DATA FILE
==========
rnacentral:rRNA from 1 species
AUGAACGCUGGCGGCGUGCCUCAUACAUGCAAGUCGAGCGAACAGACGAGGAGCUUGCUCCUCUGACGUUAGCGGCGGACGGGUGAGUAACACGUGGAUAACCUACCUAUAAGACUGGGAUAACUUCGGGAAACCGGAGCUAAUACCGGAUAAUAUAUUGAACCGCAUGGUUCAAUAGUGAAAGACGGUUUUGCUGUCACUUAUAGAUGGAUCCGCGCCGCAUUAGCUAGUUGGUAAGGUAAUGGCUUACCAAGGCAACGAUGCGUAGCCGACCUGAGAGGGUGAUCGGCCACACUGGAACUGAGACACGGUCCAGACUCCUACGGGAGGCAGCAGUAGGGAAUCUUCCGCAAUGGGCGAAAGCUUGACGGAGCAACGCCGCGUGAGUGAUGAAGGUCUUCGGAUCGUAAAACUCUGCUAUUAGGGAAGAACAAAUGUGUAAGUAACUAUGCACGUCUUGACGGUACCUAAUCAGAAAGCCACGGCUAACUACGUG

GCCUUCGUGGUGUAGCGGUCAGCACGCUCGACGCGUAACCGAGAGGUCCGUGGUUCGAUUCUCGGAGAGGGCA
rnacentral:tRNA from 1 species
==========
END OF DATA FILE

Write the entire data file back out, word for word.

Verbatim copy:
rnacentral:rRNA from 1 species
AUGAACGCUGGCGGCGUGCCUCAUACAUGCAAGUCGAGCGAACAGACGAGGAGCUUGCUCCUCUGACGUUAGCGGCGGACGGGUGAGUAACACGUGGAUAACCUACCUAUAAGACUGGGAUAACUUCGGGAAACCGGAGCUAAUACCGGAUAAUAUAUUGAACCGCAUGGUUCAAUAGUGAAAGACGGUUUUGCUGUCACUUAUAGAUGGAUCCGCGCCGCAUUAGCUAGUUGGUAAGGUAAUGGCUUACCAAGGCAACGAUGCGUAGCCGACCUGAGAGGGUGAUCGGCCACACUGGAACUGAGACACGGUCCAGACUCCUACGGGAGGCAGCAGUAGGGAAUCUUCCGCAAUGGGCGAAAGCUUGACGGAGCAACGCCGCGUGAGUGAUGAAGGUCUUCGGAUCGUAAAACUCUGCUAUUAGGGAAGAACAAAUGUGUAAGUAACUAUGCACGUCUUGACGGUACCUAAUCAGAAAGCCACGGCUAACUACGUG

GCCUUCGUGGUGUAGCGGUCAGCACGCUCGACGCGUAACCGAGAGGUCCGUGGUUCGAUUCUCGGAGAGGGCA
rnacentral:tRNA from 1 species